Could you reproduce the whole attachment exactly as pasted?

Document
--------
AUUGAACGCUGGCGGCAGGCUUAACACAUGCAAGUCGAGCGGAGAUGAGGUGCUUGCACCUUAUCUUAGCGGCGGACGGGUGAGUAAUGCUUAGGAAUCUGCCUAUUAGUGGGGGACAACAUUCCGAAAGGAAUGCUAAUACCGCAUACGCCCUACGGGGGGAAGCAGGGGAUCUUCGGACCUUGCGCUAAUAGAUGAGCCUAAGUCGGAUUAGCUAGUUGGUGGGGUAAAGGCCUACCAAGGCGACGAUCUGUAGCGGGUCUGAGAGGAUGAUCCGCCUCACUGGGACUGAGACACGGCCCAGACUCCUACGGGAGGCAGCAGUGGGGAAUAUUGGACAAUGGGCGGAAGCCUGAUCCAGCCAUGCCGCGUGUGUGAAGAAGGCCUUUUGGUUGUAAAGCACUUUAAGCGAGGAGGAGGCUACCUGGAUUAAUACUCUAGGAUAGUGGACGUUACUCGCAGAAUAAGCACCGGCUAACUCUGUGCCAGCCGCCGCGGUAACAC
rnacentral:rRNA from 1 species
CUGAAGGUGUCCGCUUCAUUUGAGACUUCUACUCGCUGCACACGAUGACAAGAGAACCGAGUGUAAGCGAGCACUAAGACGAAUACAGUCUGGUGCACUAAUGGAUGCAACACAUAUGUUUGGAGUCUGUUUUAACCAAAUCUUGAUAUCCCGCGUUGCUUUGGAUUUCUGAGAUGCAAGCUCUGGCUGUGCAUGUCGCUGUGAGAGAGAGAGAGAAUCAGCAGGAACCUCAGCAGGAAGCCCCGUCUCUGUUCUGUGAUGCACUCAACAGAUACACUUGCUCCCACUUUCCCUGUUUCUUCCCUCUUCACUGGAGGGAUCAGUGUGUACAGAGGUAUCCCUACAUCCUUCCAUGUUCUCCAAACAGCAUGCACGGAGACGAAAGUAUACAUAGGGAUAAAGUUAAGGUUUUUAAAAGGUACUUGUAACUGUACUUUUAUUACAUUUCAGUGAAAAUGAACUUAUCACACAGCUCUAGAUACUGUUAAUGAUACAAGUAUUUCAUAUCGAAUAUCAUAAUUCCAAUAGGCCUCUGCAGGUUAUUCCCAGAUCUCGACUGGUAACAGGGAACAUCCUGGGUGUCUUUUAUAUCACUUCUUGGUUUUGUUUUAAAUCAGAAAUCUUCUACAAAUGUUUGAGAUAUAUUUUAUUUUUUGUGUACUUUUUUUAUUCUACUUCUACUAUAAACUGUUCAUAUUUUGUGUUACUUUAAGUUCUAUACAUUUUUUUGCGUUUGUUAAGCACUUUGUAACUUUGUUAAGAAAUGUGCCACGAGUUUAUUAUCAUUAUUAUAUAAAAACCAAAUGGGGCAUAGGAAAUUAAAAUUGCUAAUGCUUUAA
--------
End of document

AUUGAACGCUGGCGGCAGGCUUAACACAUGCAAGUCGAGCGGAGAUGAGGUGCUUGCACCUUAUCUUAGCGGCGGACGGGUGAGUAAUGCUUAGGAAUCUGCCUAUUAGUGGGGGACAACAUUCCGAAAGGAAUGCUAAUACCGCAUACGCCCUACGGGGGGAAGCAGGGGAUCUUCGGACCUUGCGCUAAUAGAUGAGCCUAAGUCGGAUUAGCUAGUUGGUGGGGUAAAGGCCUACCAAGGCGACGAUCUGUAGCGGGUCUGAGAGGAUGAUCCGCCUCACUGGGACUGAGACACGGCCCAGACUCCUACGGGAGGCAGCAGUGGGGAAUAUUGGACAAUGGGCGGAAGCCUGAUCCAGCCAUGCCGCGUGUGUGAAGAAGGCCUUUUGGUUGUAAAGCACUUUAAGCGAGGAGGAGGCUACCUGGAUUAAUACUCUAGGAUAGUGGACGUUACUCGCAGAAUAAGCACCGGCUAACUCUGUGCCAGCCGCCGCGGUAACAC
rnacentral:rRNA from 1 species
CUGAAGGUGUCCGCUUCAUUUGAGACUUCUACUCGCUGCACACGAUGACAAGAGAACCGAGUGUAAGCGAGCACUAAGACGAAUACAGUCUGGUGCACUAAUGGAUGCAACACAUAUGUUUGGAGUCUGUUUUAACCAAAUCUUGAUAUCCCGCGUUGCUUUGGAUUUCUGAGAUGCAAGCUCUGGCUGUGCAUGUCGCUGUGAGAGAGAGAGAGAAUCAGCAGGAACCUCAGCAGGAAGCCCCGUCUCUGUUCUGUGAUGCACUCAACAGAUACACUUGCUCCCACUUUCCCUGUUUCUUCCCUCUUCACUGGAGGGAUCAGUGUGUACAGAGGUAUCCCUACAUCCUUCCAUGUUCUCCAAACAGCAUGCACGGAGACGAAAGUAUACAUAGGGAUAAAGUUAAGGUUUUUAAAAGGUACUUGUAACUGUACUUUUAUUACAUUUCAGUGAAAAUGAACUUAUCACACAGCUCUAGAUACUGUUAAUGAUACAAGUAUUUCAUAUCGAAUAUCAUAAUUCCAAUAGGCCUCUGCAGGUUAUUCCCAGAUCUCGACUGGUAACAGGGAACAUCCUGGGUGUCUUUUAUAUCACUUCUUGGUUUUGUUUUAAAUCAGAAAUCUUCUACAAAUGUUUGAGAUAUAUUUUAUUUUUUGUGUACUUUUUUUAUUCUACUUCUACUAUAAACUGUUCAUAUUUUGUGUUACUUUAAGUUCUAUACAUUUUUUUGCGUUUGUUAAGCACUUUGUAACUUUGUUAAGAAAUGUGCCACGAGUUUAUUAUCAUUAUUAUAUAAAAACCAAAUGGGGCAUAGGAAAUUAAAAUUGCUAAUGCUUUAA